Australia on Friday pressed over-50s to get their coronavirus shots, as fears mounted that vaccine hesitancy could be priming the country for disaster.
Australia is one of the few countries in the world to eliminate community transmission of COVID-19, but vaccine rollout has been slow.
After chronic delivery delays, there is growing evidence that older Australians are more concerned about the AstraZeneca vaccine’s side effects than catching the virus.
“I encourage those over 50 to get the jab,” Prime Minister Scott Morrison said Friday, “and if you are over 70, I would very much encourage you to.”
“My mother has had it, my mother-in-law has had it, and they are doing great,” Morrison added, trying to ease concerns about widely publicised risks of blood clotting.
The World Health Organization recommends continued use of the AstraZeneca shot, arguing that the benefits far outweigh the associated rare risk of clots.
But according to a recent poll by Essential Report, only 42 percent of Australians say they would get vaccinated as soon as possible, and almost a third would get the Pfizer shot but not AstraZeneca.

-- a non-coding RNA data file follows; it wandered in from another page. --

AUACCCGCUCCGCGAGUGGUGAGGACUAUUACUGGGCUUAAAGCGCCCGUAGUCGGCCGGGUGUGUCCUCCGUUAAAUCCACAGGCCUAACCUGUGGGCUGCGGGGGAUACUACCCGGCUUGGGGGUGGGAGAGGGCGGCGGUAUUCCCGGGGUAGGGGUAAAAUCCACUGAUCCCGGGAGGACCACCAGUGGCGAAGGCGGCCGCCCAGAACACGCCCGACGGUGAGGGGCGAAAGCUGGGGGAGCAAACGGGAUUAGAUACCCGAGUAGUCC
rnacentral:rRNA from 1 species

The poll showed a notable jump in vaccine hesitancy among over-55s since early April, when the government said under-50s would get the Pfizer rather than AstraZeneca jabs.
A separate Resolve Strategic poll for the Sydney Morning Herald showed similar results.
An estimated 25 percent of the 4.6 million vaccine doses distributed across Australia so far have not been used.
Peter Doherty, who won the Nobel Prize for medicine in 1996, weighed in Friday, tweeting: “I’ll be getting my second shot of the AstraZeneca vaccine.”
Blood clots are “certainly a risk we could do without”, he said.
“But one fatality with more than a million doses beats the 5-10,000 deaths (+ much, much more chronic illness) per million we might expect if the virus cut loose here.”
Experts say Australia’s runaway success in eliminating COVID-19 could be leading to complacency.
They point to Taiwan as evidence that a stellar record of combating the virus can quickly be lost.
The island with a population of 24 million—similar to Australia’s 25 million—has recorded well over 1,000 new infections in five days.
Australia bet heavily on the AstraZeneca jab after efforts to produce a local vaccine failed.
It has since increased orders for the Pfizer and Moderna vaccines, which are based on a different mRNA technology.
The government’s critics say the slow rate of vaccination means Australia’s borders, which slammed shut in March 2020, will have to stay closed long into next year.
“We’re dawdling,” said opposition Labor member of parliament Andrew Leigh.
“The health minister should be encouraging everyone to get vaccinated as soon as possible.”